Investors with a buy-and-hold strategy view market volatility and broad-based downturns as positive opportunities to add top-quality companies to their TFSA portfolios.
The best names to search for are market leaders with strong businesses and potential for long-term revenue and cash flow growth.
Let’s take a look at three companies that are down to the point where they might be attractive TFSA buys.
CNRL reported record Q2 2018 funds from operations of $2.7 billion, supported by the company’s balanced resource base that includes light and medium crude oil, heavy crude oil, oil sands, natural gas, and natural gas liquids assets.
Long-life, low-decline assets represent the bulk of the operations, and CNRL holds vast land positions in top plays that have the potential to produce for decades.
The company enjoys a strong balance sheet and tends to have 100% ownership in its projects. This gives management the flexibility to shift exploration capital to the highest-return opportunities on a quarter-by-quarter basis.
Free cash flow in the first half of 2018, after dividend requirements, came in at $2.2 billion. The company raised its distribution by 22% earlier this year and is using a good chunk of the extra funds to buy back shares.
The current payout provides a yield of 3.6%, so you get paid well to wait for a rebound.
Fortis is one of those stocks you can buy for your TFSA retirement portfolio and simply forget about for decades. The company operates utility businesses primarily located in the United States and Canada, with most of the revenue coming from regulated assets.
Fortis is investing more than $15 billion in the next five years, and that should boost the rate base enough to support annual dividend growth of at least 6%. Additional opportunities for acquisitions or other organic projects could boost the outlook.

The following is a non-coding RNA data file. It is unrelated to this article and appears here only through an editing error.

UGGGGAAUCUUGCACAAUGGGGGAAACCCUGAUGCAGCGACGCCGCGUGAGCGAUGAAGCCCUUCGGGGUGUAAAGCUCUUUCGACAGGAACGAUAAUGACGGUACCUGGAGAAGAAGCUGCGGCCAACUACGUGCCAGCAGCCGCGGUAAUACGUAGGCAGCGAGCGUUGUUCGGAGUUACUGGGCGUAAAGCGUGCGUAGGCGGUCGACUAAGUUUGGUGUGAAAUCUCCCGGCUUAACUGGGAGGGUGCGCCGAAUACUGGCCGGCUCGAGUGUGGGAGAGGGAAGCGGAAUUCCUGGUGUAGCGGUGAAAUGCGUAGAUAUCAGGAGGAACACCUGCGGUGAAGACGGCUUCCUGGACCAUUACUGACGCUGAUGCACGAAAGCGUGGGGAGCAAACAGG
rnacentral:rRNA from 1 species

At the time of writing, the stock provides a yield of 4.1%.
Fortis has bounced off the recent low of $41 per share to $43.50, but more upside should be on the way. The 12-month high is close to $49.
CIBC has more exposure to the Canadian housing market than its peers, which is a big reason why the stock trades at a discount to the larger banks. The recent sell-off in the stock from $124 four weeks ago to the current price of $112 is indicative of the volatility that comes with this name, but the pullback is starting to look overdone.
CIBC spent more than US$5 billion last year to buy Chicago-based PrivateBancorp. The deal helped balance out the revenue stream, and investors could see additional acquisitions in the wealth management space south of the border. As a result, the discount the market is putting on the stock appears a bit steep.
CIBC is very profitable and its generous dividend should be safe. More downside could be on the way in the near term, but this stock should perform well over the long haul and you get paid a nice 4.8% yield today.
The bottom line
CNRL, Fortis, and CIBC should be attractive TFSA picks for a buy-and-hold dividend portfolio. If you have some cash sitting on the sidelines, it might be worthwhile to start nibbling on these stocks while they remain out of favour.
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Fool contributor Andrew Walker has no position in any stock mentioned.